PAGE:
ACA Cyclocross Categories – Rant + Analysis

Update 10/19/11 12:26PM: Post updated to reflect combined 35+ Open and 35+ Cat 3 times.

As I mentioned in yesterday’s post, cyclocross has unique needs for categorization.  Compared to road racing, with the minimal presence of team tactics and less chance of pileups due to new riders, it is less important to segregate riders by experience, and more important to segregate them by speed.  It is true that a roadie new to cyclocross may have similar lap times to an experienced rider, compensating for poor technique on technical sections with more power on the straights, but that is simply an extreme example of the nature of the sport itself: balancing power with finesse.

Cyclocross categorization seems to be an ever present debate, generating lots of discussion on . Hopefully some data analysis will help racers understand the requirements for a good categorization system.

The ACA has been kind enough to give us a nibblet of data to work with.  The new chip timing system is already paying dividends, and lap times for the first Colorado Cross Cup have been released “for select categories”.  I took the data and made a chart of lap times for this particular race.  Please note that the course conditions / weather did not change drastically during this race day.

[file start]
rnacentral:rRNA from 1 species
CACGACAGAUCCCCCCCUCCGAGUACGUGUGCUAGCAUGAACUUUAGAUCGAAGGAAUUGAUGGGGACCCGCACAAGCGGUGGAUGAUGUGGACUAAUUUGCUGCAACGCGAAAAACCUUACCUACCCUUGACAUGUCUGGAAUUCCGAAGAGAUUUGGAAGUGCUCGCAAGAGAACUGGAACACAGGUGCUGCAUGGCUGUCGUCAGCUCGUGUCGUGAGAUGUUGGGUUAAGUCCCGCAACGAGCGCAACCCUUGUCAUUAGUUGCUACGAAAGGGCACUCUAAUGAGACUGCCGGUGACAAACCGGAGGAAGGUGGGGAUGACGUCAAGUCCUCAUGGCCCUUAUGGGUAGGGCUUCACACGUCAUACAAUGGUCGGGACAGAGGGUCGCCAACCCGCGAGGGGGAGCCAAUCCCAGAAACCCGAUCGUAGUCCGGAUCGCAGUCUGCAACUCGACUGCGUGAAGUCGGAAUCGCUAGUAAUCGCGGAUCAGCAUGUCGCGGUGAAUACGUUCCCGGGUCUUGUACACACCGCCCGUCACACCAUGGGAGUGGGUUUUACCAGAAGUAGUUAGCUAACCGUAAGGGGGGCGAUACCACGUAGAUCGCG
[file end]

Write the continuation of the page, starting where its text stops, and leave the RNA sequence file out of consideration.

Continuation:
Frisco CX Lap Times by Category - Note: 35+ 3 includes 35+ Open

Each category’s times are fit into 15 second ‘bins’ for each column.  For instance, there were about 10 laps under 6’30″, all in the SM Open category.  I’ve included the major Men’s categories, with the exception of 45+ (I’ll get to this in a minute), and 35+ which is included in 35+ 3.

You can see that a few things are working properly with the categorization system: The Men’s Open is the fastest.  Men’s 35+ 4 is the slowest, although to me it seems that 35+ 4 should be called “Cat 5″ or “Beginner” to be more inclusive to new racers of all ages.

The 35+ 3 category is where things get hard to decipher.  The lap times are for mixed categories, Cat 3 combined with Single Speed and 35+ 3 combined with 35+ open.  It is possible to sort through the results, but not by an obvious way that I could easily automate.  It is clear that 35+ Open/35+ is faster than Cat 3/SS.

The justification for the 35+ 3 category is often “But where do 35+ 4′s go after they upgrade?”  The 35+ 4′s feel that the Cat 3 field is too serious, after coming out of the ‘beginner’ group.  As you can see from the data, the top of the 35+ 4 leaders are in fact well behind the majority of the Cat 3/SS Category.

If 35+ 4 were “Cat 5″ or “Beginner”, then the progression would be to move up to Cat 4, which is supported by the data.  A rider placing in the top of the current 35+ 4 category would be placing in about the top 1/3 of Cat 4.

Master’s and Women’s Categories